W3C Community On-Boarding
As the scope of Web technologies increases, and as the communities impacted by the Web grows, it becomes critical that a wider variety of people can come on board of the W3C train and become effective participants in W3C groups.
Effective participation in W3C groups require overcoming a number of barriers:
- a cultural/language barrier for some
- understanding how a given group works given the disparity of work modes
- understanding the underlying technical stack
- understanding the most impactful ways to contribute based on one's interests and abilities
In this headlight, we will examine and document all the existing approaches deployed to overcome these barriers, explore new ones, and facilitate the deployment of the most effective ones (e.g. by suggesting or building tools).
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The W3C community is growing and the scope of the technologies it touches upon expands. Half of the W3C Members in 2014 were not W3C Member 4 years ago.
To ensure the Web fulfills the need of this expanding community, it is critical that newcomers feel welcomed to groups and empowered to participate in the development of specifications.
Today, upon joining a group, a newcomer often faces the following challenges:
- it is hard to know and to learn what has led a group to a particular design;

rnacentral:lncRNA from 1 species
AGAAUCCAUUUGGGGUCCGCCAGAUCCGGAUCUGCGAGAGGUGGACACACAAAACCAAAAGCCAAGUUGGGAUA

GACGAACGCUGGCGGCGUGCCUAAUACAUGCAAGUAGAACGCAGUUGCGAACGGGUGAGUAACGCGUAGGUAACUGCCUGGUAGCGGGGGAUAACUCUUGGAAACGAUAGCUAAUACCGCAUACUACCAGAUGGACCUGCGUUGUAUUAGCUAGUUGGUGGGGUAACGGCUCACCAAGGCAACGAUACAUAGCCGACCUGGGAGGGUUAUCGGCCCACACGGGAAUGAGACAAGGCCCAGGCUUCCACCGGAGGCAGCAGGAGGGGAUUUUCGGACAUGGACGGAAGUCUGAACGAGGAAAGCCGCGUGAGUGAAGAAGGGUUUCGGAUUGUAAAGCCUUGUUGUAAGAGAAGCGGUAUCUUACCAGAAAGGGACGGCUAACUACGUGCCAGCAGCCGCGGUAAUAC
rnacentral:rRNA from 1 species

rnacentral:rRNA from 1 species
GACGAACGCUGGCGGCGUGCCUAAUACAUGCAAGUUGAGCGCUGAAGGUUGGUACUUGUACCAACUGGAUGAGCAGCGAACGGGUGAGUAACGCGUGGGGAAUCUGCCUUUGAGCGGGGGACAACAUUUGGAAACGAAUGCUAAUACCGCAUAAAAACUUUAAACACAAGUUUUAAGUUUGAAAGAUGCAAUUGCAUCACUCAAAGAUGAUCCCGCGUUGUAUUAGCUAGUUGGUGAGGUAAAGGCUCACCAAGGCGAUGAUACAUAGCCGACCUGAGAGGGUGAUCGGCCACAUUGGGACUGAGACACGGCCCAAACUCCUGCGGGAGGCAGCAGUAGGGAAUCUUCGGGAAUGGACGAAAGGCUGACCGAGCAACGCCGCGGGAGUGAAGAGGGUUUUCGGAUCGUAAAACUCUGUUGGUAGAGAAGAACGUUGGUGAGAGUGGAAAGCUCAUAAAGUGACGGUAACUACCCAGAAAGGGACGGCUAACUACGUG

- it is hard to find one's way across the many mailing lists, tools, task forces, etc;
- it is often unclear how one starts making contributions;
- having learned these in one group, one often has to explore the same questions in any new group one joins as groups have all their own micro-processes and cultures
Some early ideas
- gather stories from successful new participants
- generalize welcome messages to new group participants across groups:
- provide a template of expected information
- have IPP send that information upon joining new groups
- (how to best ensure the info remains up to date?)
- propose to chairs/staff contacts to organize a monthly "welcome teleconference" specifically for new participants (taking timezones into account)
- more generally, train chairs/staff on "community onboarding"?
- create on-line training program for new participants? (is that equivalent to the "modern guide" project?) probably both on technical and more "cultural" aspects
- create a forum/mailing list for participants (new and old) to exchange questions & answers (à la Stack Overflow?)
- institutionalize a "welcome new participants" day before TPACs
- SMALL COMMENT: I agree that "on-boarding" is important (that is, helping people get _started_ with the W3C). But I suggest we not limit our thinking to only when people begin. A lot of the ideas / discussion / suggestions so far have been about how to conduct W3C business in general, to minimize the problems of language, culture, time zones, etc.
look at minutes of related TPAC breakout